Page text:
This was such a treat for me to have this time to focus and inspect her pieces carefully one on one and one by one into the wee late night hours. Time is such a precious gift and appreciate every one along the way of this journey who has taken the time to share their wisdom and life skill knowledge with me. I am always touched by all those who take the time in the midst of their own projects to stop and come alongside to those just learning. What a wonderful force exists in the collective body of craftspeople around the world of kindred spirits sharing their mutual love of handcraft and needlework.
- The next day was a journey to and through the Jamieson Wool Mill in Sandnes. A perfect destination after the previous evening studying pattern and color, the Jamieson mill is one of the two major sources of production of the rainbow of yarns responsible for the Shetland signature sweaters and colorwork.
I wandered in and out of the various rooms, and had the opportunity to visit with a weaver weaving yardage destined for Italy.
I strolled by myself in and out between the giant machines watching as the fiber made its way from fleece to finished product bagged and bound for knitters hands around the world, the music of the mechanics of the machines humming throughout .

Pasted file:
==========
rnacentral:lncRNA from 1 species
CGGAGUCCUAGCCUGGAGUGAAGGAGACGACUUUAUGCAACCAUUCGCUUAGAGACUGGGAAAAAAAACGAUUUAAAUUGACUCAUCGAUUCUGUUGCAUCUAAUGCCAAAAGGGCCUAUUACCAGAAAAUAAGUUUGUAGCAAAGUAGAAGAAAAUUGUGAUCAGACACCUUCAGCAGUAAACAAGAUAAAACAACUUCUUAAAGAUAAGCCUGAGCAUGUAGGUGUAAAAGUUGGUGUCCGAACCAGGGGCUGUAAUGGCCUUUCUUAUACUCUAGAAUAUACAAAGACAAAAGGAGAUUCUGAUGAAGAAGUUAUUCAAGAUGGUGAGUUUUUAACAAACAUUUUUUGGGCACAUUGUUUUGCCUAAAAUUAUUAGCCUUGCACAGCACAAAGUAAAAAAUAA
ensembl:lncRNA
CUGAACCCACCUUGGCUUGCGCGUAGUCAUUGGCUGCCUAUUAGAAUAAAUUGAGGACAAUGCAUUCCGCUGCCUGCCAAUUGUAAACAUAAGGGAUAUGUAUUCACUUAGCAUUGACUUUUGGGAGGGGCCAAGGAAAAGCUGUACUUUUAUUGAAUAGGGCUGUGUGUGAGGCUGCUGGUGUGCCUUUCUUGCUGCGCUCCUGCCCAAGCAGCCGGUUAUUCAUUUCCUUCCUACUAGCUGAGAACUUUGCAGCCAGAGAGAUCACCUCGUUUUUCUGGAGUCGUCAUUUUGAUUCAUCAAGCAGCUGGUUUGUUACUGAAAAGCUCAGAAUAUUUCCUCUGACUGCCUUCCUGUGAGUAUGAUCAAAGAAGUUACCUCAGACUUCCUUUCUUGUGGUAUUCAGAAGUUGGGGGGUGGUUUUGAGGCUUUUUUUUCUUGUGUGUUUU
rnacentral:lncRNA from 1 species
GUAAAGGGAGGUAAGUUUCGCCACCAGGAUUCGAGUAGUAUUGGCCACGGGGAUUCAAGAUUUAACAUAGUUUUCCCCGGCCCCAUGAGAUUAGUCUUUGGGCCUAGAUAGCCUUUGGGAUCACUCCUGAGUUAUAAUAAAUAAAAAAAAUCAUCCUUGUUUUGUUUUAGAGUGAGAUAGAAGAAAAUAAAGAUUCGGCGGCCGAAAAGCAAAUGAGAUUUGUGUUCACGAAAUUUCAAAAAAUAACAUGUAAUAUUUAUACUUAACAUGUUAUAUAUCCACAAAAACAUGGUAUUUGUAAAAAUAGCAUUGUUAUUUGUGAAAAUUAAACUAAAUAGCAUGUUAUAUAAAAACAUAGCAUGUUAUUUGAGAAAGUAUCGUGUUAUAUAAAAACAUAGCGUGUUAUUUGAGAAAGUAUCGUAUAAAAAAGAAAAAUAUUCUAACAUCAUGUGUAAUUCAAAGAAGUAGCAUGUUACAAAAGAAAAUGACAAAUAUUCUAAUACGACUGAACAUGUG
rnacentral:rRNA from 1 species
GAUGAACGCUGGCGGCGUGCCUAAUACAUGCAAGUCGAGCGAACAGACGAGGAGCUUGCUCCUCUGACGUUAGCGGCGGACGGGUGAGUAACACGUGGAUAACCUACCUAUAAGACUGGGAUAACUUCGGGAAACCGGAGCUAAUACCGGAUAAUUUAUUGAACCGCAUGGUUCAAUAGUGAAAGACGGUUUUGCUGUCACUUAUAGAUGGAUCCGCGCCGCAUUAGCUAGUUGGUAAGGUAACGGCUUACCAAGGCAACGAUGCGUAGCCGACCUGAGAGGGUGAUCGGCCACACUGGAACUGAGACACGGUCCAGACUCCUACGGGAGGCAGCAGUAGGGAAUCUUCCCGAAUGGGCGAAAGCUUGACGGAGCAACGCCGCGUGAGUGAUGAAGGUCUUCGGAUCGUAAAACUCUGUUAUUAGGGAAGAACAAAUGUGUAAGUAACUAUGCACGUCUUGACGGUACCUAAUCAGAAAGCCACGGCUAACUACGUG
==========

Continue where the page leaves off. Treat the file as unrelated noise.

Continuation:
- My last destination was off and down to the island of Burra for the rest of the day for a silversmithing session to make buttons and a necklace at the Red Houss with Mike Finnie.
The process was fascinating and so excited to make myself a set of sterling silver buttons and a Shetland sterling silver necklace in the hours that followed in his Red Houss studio. Mike kindly gifted me his smaller demonstration button, so I ended up with a total of three beautiful buttons awaiting some special future hand knit. I appreciate the fine Shetland hospitality both he and his wife extended to me.
In all of this, I contemplated my brewing thoughts of the Gansey Project, and how this entire program here in Shetland had been an immense collaboration and celebration of the past merging with the present through the care and efforts of a host of instructors and volunteers... tradition entwined with this modern life...patterns and designs prevaling through the efforts of generations of knitters and the hope of preservation of the craft for further generations to come. Halfway around the world I felt as though I were gathering up this bed of knowledge and packing it up in my suitcase to be carried off to our little Alaskan fishing village to be carried forward in its own unique way. I didn't know exactly at this time what shape or form it would take, but I knew an idea had definitely taken hold.
I cannot imagine a better last couple of days in Shetland with all its fullness of rich activity, and the next morning, as I said goodbye to my little croft house at Vementry, I wished to myself that I could stay another week just to rest and absorb all that had taken place. But further adventures were to be had, and such an adventure ahead that I had only imagined for many years...
As I drove up to the small airport in TIngwall and boarded the tiny plane on that beautiful blue sky day, I could not believe that this next dream was about to come true and as our plane gently lifted into the sky, with a tilt of the plane's wing, I bid dear Shetland a fare thee well.
Part 8 to follow. Onward to the next adventure....PART 8